It is supposed to be a RC90? LED with a CCT of 4500K
- CCT: 4134K
- CRI Ra: 62.7
- DUV: 0.0076
Dimensions and its competition
|Amutorch XT45 RC90||Millimeters||Inches|
|Length||130 mm||5.12 in|
|Head diameter||45 mm||1.77 in|
|Body diameter||26 mm||1.02 in|
Dimensions are rounded to the nearest millimeter, and to the nearest tenth of an Inch.
|Amutorch XT45 RC90||Weight in grams||Weight in oz|
|Without battery:||168 g||5.93 oz|
|With battery||234 g||8.25 oz|
Weight is rounded to the nearest gram, and to the nearest tenth of an Oz.
Flashlight size comparison with its competition:
Group 2: Astrolux EA01, Noctigon DM11, Amutorch XT45 RC90, 4Sevens Maelstrom MMU
Group 3: 4Sevens Maelstrom MMU, Amutorch XT45 RC90
Amutorch XT45 RC90 UI: User Interface and Driver
The UI is another area where the Amutorch loses some ground to the competition. The XT45 essentially has two different UI’s, but they don’t really work very well together.
The first UI is a fairly regular click for on, click to scroll and long click for off. Even giving you mode memory and a double click for instant Turbo access.
This normal click mode is perfectly usable and easy to remember. The only real negative comment is that Low is still extremely high output. I would also prefer no mode memory myself.
The other UI sits alongside the click style UI. If you click and hold from off you now have a ramping mode. This UI seems to be massively under-developed and doesn’t work correctly. When the light activates it does so with a pulse like flash. You then end up in one of the lowest moonlights I’ve ever seen. In total darkness it only has a range of 1-2 inches max. A shame that you get the pre-flash when you activate the light.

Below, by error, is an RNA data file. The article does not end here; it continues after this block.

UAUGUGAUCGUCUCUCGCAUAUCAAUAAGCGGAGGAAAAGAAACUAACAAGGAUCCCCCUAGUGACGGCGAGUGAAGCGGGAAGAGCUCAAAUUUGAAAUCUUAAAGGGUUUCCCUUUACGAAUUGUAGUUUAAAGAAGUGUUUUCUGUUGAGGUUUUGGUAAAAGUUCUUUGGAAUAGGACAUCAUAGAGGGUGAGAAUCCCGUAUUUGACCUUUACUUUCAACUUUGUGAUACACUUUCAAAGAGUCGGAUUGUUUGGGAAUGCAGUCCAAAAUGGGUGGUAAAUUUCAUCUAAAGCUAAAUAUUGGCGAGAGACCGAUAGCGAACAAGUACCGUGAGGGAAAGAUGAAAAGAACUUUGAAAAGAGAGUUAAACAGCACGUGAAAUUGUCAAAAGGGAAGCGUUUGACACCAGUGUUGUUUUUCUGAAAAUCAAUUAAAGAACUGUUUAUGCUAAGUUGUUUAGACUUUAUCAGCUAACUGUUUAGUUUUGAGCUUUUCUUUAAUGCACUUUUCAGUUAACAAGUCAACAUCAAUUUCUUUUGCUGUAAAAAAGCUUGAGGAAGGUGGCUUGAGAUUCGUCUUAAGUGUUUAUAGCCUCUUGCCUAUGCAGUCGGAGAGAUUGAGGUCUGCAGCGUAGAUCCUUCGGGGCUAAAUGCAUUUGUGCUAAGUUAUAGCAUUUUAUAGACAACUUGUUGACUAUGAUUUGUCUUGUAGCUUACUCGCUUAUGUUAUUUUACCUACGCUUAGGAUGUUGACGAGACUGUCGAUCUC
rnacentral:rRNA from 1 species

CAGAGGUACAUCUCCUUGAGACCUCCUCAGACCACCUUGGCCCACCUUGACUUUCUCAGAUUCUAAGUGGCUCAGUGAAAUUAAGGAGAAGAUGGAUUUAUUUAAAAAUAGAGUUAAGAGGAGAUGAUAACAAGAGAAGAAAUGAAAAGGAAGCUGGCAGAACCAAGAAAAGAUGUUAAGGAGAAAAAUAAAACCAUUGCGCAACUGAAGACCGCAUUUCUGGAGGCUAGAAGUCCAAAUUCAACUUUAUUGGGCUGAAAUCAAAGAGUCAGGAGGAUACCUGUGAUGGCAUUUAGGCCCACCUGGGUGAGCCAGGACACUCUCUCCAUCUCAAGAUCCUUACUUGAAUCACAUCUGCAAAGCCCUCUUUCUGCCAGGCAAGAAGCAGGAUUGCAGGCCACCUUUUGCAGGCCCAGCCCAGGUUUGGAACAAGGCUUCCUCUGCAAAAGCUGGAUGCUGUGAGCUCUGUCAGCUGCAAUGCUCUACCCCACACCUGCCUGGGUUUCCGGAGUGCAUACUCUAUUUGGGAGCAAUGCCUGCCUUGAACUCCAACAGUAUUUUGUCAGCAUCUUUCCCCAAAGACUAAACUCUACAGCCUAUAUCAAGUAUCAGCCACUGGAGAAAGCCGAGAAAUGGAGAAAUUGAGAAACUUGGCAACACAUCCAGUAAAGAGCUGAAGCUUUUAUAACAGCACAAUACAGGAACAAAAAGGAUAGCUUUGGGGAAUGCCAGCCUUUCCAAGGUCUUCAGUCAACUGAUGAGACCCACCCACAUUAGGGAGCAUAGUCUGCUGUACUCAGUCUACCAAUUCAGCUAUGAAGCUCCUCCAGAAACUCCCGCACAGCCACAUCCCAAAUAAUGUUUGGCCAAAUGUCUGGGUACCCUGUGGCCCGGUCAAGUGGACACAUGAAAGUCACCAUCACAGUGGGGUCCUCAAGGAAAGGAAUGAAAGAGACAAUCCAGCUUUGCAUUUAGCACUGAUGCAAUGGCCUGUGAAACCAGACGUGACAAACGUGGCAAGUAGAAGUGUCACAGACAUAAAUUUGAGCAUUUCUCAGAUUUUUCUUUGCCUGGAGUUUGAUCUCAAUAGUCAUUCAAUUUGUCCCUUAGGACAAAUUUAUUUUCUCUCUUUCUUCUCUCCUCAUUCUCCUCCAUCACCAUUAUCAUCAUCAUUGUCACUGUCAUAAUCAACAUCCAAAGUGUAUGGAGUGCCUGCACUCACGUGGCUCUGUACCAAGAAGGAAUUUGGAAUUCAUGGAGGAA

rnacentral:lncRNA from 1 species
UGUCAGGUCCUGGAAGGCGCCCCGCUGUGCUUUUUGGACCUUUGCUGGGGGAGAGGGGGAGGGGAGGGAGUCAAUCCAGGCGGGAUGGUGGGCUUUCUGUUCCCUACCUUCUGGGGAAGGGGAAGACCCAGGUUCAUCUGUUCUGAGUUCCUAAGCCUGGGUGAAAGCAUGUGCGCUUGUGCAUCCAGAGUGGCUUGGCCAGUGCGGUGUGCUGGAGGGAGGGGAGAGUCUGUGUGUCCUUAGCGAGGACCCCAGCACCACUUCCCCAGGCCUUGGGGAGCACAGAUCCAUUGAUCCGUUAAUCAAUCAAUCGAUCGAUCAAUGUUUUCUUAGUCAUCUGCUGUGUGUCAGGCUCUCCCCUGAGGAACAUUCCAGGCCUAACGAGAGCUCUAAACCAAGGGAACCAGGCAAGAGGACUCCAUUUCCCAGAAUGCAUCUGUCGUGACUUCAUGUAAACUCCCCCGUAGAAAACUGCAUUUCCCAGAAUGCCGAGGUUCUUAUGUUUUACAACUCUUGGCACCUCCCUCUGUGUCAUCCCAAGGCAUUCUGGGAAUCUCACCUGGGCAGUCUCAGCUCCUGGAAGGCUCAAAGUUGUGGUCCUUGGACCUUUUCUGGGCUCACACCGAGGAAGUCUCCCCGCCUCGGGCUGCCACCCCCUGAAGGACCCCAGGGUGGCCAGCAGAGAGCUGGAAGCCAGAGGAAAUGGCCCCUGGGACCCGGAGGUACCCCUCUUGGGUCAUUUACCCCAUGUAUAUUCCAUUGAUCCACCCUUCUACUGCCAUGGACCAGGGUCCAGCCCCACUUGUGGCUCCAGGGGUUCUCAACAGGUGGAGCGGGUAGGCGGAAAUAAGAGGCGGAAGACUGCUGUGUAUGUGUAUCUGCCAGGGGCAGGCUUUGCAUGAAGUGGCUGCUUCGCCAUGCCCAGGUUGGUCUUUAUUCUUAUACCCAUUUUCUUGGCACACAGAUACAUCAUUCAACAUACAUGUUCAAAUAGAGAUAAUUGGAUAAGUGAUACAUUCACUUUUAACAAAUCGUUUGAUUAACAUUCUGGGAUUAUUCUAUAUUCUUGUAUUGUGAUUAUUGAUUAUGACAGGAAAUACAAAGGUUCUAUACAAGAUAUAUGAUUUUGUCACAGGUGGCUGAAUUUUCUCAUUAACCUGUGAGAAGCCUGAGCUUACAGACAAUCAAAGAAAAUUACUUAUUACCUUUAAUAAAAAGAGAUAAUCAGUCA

This output is also a mode memory, if you change brightness via the ramping mode it will remember it when you long press on again. So in effect you can ‘save’ two output modes to turn on with. I have been leaving it on the moon output, so as to not accidentally blind myself, as once turned on, you are locked into that UI type until you turn it off. The real problem is the ramping speed, I have never seen anything like it before. It will ramp from this sub-lumen output to a very high lumen output in less than a second. Ramping down is still a speedy affair, but maybe a little slower. Essentially your brain and fingers will not be able to react fast enough to select an output. I suspect the ramping is following the click UI outputs, so only has 3 steps, plus the moonlight.
While the ramping UI can be completely ignored most of the time, you do feel it would have made a better product if they had just left it out.
- 4 (L-M-H-T)
Available blinky modes:
- Press and hold: (ramping UI, see above comments)
- Single click: Last mode memory from click UI
- Double click: Turbo
- 3 fast clicks: Strobe
- Press and hold: Off or ramping UI if you did a long press to activate
- 1 click: Advance mode (L-M-H)
- Double click: Turbo
- 3 fast clicks: Strobe
- To Low: No
- To Turbo: Yes
- To Strobe: Yes
Low voltage warning:
- Not claimed
- Only physical via tailcap
- None that I could detect
Amutorch XT45 RC90 Charging and batteries
The XT45 does not support onboard charging, so you will need another way to charge your batteries up. The only battery supported is a 21700, either flat or button top. The XT45 didn’t seem to be battery fussy. High drain batteries will give you higher outputs and beam distance.